We set up camp one last time in Bulgaria and celebrated with a 2L flask of wine that cost us about £1. I like this country! For the first time I didn’t put my coat on after dark. The stars were out and it was nice not having to go to bed in a freezing hurry.

Greek flag
Greek flag

The next day we cycled down one last hill and then suddenly everything was flat. We had a good lunch to burn up the last of our Bulgarian shrapnel but once again the clouds were starting to grow dark and so our relaxed afternoon was cut short. We raced towards the Greek border on the flattest road I’ve seen in weeks. I couldn’t enjoy it though – the lightning strikes we alarmingly close and the thunder was closing in around us. The border staff were painfully slow. It was obvious that the storm clouds were closing in and yet they sauntered about taking an eternity with our passports. When we finally reached the village of Kyprinos the storm finally caught up with us.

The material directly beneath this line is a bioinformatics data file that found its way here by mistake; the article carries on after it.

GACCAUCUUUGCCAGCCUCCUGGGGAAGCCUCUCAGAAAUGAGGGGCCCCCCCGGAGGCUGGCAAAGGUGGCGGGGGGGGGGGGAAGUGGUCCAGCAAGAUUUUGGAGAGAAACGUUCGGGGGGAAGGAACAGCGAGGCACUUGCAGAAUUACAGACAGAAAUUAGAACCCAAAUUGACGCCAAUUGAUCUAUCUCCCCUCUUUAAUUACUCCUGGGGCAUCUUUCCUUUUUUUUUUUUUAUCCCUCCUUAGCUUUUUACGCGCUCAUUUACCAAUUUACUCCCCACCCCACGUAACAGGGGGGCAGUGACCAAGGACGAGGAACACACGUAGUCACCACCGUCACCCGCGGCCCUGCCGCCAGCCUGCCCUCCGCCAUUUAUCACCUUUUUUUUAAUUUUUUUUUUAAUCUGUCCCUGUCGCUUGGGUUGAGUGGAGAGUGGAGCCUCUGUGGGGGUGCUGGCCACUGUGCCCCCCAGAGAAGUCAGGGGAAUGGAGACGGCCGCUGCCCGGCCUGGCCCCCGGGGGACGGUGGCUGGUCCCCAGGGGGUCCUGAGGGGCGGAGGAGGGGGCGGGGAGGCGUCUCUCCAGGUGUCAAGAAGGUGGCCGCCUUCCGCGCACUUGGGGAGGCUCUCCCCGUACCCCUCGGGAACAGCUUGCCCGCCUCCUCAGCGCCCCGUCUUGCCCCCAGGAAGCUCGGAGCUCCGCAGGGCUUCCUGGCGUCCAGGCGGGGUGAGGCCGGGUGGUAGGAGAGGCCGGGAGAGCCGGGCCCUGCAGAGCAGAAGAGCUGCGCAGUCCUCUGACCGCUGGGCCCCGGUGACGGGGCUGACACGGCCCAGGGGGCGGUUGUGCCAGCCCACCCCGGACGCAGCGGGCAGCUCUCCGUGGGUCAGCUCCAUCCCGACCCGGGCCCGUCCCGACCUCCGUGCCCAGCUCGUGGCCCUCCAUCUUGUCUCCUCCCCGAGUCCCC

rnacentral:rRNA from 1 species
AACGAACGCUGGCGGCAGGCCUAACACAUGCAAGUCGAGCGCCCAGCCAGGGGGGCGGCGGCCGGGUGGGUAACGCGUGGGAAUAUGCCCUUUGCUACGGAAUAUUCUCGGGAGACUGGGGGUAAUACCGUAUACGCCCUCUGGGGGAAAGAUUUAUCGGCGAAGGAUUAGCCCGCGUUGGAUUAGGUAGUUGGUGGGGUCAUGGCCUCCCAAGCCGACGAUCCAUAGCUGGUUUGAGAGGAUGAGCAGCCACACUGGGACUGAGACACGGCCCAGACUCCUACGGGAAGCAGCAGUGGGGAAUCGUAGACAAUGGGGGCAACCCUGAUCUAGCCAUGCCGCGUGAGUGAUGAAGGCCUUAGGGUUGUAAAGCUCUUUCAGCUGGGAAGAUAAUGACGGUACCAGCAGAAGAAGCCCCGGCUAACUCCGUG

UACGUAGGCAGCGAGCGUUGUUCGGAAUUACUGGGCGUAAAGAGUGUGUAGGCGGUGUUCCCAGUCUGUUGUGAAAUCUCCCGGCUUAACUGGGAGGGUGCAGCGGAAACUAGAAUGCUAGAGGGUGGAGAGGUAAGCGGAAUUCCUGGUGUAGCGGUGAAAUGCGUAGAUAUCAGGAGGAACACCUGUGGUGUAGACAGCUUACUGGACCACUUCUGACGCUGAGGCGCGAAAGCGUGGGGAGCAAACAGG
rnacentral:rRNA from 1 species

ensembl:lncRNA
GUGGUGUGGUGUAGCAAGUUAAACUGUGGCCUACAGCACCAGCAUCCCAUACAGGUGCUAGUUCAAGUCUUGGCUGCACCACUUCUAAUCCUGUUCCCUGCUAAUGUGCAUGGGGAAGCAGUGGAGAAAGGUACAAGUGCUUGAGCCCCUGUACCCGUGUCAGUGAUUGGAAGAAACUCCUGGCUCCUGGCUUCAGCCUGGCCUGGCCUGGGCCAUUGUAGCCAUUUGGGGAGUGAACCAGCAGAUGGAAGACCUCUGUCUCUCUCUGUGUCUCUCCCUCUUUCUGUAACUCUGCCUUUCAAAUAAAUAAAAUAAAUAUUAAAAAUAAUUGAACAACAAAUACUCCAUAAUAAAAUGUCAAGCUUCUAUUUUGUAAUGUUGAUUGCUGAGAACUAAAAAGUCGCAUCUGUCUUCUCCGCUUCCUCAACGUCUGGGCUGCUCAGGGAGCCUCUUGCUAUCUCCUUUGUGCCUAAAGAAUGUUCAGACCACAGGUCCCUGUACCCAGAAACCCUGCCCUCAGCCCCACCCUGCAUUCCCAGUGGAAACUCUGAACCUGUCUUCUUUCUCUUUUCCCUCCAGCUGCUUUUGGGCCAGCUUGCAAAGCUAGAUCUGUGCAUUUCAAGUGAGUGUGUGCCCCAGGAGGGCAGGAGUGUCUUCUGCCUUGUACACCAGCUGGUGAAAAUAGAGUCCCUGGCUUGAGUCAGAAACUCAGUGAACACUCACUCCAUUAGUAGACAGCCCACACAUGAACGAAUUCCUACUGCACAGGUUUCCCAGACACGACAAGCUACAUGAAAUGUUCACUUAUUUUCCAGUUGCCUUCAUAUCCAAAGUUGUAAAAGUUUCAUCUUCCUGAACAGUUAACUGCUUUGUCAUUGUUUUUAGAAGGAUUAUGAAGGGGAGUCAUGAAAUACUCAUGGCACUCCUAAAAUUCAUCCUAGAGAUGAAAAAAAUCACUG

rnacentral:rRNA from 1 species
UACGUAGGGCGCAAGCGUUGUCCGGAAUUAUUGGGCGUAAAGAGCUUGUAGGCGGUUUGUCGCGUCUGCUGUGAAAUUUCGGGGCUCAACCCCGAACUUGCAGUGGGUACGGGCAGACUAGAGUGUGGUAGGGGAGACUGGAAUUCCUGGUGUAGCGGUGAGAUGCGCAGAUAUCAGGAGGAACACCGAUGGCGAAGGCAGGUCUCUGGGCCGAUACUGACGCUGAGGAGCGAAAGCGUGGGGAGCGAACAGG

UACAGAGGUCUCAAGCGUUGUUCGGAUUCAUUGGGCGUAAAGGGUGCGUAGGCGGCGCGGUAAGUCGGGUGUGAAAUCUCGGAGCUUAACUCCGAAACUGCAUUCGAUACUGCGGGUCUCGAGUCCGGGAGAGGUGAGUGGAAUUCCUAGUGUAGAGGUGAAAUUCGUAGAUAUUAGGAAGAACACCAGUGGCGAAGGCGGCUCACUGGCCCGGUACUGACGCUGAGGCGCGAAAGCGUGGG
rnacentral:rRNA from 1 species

Our makeshift shelter in Kyprinos
Our makeshift shelter in Kyprinos

We stopped to look for shelter when an elderly couple beckoned us in. They were Greek, but had lived for more than thirty years in Berlin. I was happy to have Pia as my German translator once again, and next thing I knew they’d invited us to stay! We assembled a couple of beds in the garage and were offered showers, food and clothes washing.

The family that took us in for the night
The family that took us in for the night

The storm eventually passed and we went into the village to find some ouzo to drink – we were only going to be in Greece a night. The vibe here was totally different to Bulgaria – somehow a little more Mediterranean. The bars were less run-down and filled with grey haired old men playing cards.

Between Kyprinos and the Turkish border
Between Kyprinos and the Turkish border

We said bye to our generous hosts and headed for Turkey. But first, we stopped in town for a frappe (another essential Greek beverage) and WiFi – I wanted to check the election results. I gather I wasn’t the only person surprised (and disappointed) to see the Tories in. Mostly though, I felt a little embarrassed for not having voted. I was too ‘away with the fairies’ to follow the process. And now I have no right to complain for the next few years!

Roadside stop
Roadside stop

Ah well, I can just stay away with my bicycle – I’m fine with that. So, not feeling all too glum, we continued east and soon reached the Turkish border. The far end of Europe.